"OK! Let's go home. Tomorrow, let's get
up early and look for firecrackers the
big kids dropped. I wonder whose outhouse they’ll
turn over this year?”

I spilled the contents of my pillow case
onto my bed: chocolate, sweet candies,
potato chips, peanuts, and a bunch of other
stuff. I stuffed everything back in the bag and
hid it under my bed, so my brothers wouldn’t find
it.

********************************

I stood by a light pole and watched
little kids run from their parent's cars to the
front door of our house. They knocked, gathered
the candy my mum handed out, and
rushed back to their cars. Heavy rain beat down
on me.

I was thirteen - a year of change. I
wanted to be little and gather candy. I wanted
to be older and join the big kids in their
mischief – lighting firecrackers, throwing rolls of toilet paper over tree limbs, or even rolling
over an outhouse.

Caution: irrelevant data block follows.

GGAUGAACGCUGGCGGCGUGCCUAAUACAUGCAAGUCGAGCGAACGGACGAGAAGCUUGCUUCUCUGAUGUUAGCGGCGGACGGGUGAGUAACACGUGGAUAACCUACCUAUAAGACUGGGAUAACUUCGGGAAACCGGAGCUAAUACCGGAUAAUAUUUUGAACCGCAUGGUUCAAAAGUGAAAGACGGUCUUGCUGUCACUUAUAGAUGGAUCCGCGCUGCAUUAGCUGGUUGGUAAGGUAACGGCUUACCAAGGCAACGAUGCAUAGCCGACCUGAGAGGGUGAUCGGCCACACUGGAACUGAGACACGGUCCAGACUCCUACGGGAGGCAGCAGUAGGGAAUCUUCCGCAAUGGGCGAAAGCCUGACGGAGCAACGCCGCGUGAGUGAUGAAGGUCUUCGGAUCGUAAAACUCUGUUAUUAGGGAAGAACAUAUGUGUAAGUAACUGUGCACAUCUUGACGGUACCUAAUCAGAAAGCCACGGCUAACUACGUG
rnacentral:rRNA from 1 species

The rain beat down. I walked home. "You
miss going out, don't you?" Mum
asked, as I walked in the door, dripping water on
the floor.

"No, I'm OK." I lied.

She looked at me and handed me a bag. "I
saved some for you."

I went to bed and cherished my treat.

*************************************

It was the first big change of my life. I
was too old to trick-or-treat. Toys were
left in a box under my bed. Cars, dating, and
freedom were in my future.

I was at the in-between stage.

Years later, I realized that night was
the beginning of many changes. I'd grow
comfortable, think everything was right in my
life, and once again stand in the rain.

I went to work and learned layoffs were
coming. I wanted to stay where I was,
comfortable in my surroundings. The future was
unknown.

I stood in the rain.

A job offer came. It was in another
province. I didn't want to move from what I
knew.

I stood in the rain.

I met new people, experienced new things,
settled down, and in a few years,
another job came to an end.

I stood in the rain.

Dressing up and knocking on doors on
Halloween ended a long time ago, but
when times get tough, I stand in the rain, knock
on new doors, hold out my pillow case,
and wait to see what treat life will fill it
with.

I’m never disappointed.

Michael T. Smith